This is an ever growing collection of resources, ideas, activities and guidance which all involve forging a connection with nature and the outdoors. All activities are tried and tested with carers and older people with dementia.
Where do I live?
Where do I live is a multi-sensory activity based around images and landscapes to get people talking, thinking, tapping into memories and telling stories.
Prepare images of three different landscapes; some good examples are;
- Country lane
- Back garden
- Urban park.
You could use magazines, newspapers or print something from the internet.
To accompany these images, find some objects that provide visual clues for each landscape; for example – shells for coastal image, cut flowers for urban park, small car toy for country lane, pine cones for woodland. Try and incorporate items that smell, are interesting to touch or even play some sounds from a tablet or your phone.
Collect plants that can be found in each landscape (try and do this as close to the day as possible; if it’s not possible, then collect plants and press them to dry rather than leave them to dry slowly and shrivel out of shape)
Running the activity
Using images of three different landscapes, participants are asked to decide which plants and objects are associated with each landscape. The group should get as hands on as possible with each object to decide which image it best goes with, perhaps it is all three or none at all, there are no wrong answers.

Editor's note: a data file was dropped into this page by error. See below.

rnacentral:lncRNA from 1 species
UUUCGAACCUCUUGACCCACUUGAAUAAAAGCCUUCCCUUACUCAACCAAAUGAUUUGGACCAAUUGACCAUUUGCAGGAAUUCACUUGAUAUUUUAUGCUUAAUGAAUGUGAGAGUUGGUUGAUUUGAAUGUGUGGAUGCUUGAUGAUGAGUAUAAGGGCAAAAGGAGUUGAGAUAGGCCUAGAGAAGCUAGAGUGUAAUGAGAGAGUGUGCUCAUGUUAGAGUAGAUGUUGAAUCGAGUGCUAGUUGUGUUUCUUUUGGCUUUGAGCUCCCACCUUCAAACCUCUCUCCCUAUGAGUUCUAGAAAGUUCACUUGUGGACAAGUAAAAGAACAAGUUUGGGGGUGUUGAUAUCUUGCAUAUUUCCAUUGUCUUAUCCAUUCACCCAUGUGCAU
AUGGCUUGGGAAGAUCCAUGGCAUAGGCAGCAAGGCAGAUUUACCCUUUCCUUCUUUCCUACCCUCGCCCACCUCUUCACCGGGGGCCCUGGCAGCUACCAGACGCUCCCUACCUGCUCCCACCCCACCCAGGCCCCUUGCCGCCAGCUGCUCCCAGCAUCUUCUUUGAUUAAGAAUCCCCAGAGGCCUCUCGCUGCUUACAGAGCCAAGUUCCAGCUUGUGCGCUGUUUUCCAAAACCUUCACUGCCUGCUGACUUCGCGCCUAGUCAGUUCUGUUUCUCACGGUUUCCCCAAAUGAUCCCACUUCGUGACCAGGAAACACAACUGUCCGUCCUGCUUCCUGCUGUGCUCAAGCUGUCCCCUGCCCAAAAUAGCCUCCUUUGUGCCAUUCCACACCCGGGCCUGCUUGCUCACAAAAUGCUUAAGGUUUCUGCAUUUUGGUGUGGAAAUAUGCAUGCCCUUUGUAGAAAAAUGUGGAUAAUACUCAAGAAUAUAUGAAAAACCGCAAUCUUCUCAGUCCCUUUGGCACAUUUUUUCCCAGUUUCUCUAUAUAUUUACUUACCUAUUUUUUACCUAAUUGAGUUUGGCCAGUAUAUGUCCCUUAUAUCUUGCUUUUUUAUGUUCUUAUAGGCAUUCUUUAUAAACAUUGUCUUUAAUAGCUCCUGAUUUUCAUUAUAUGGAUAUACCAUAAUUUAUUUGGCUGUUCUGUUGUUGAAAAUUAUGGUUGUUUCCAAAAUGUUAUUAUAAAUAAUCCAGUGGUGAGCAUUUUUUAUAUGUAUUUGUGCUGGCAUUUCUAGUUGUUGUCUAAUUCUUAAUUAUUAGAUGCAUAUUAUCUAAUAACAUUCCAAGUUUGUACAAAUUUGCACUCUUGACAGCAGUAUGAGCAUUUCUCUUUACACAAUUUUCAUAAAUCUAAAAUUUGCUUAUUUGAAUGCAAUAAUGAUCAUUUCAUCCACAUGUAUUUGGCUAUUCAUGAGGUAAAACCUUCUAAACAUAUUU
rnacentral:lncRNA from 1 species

Making a birds nest
A great Easter activity, you could fill your nest with plasticine or even chocolate eggs.
This activity is about helping people to connect with spring or summer through something that is common within our garden memories. Birds’ nests are fascinating in the way that they are made; each one unique to the bird that made it, using whatever nature has lying around. Why not make a little bird or some eggs to sit in your nest.
Getting to know you
This resource has been designed to stimulate conversations around nature and the outdoors. It should be taken as an opportunity to find out where interests lie and plan future outdoor activities such as bird watching or going for a picnic.
You will need to get hold of one or more of the following to do this activity;
Symbolism in nature – myths and legends
This activity explores various plants that have symbolism or folklore attached to them, with the aim of finding connections between individuals and plants through those stories. This will help establish a connection, or re-connection with specific plants and encourage the sharing of personal memories.We have compiled a list of myths, legends and facts around different plants and collated them by season. This is a great go-to activity that doesn’t require too much preparation.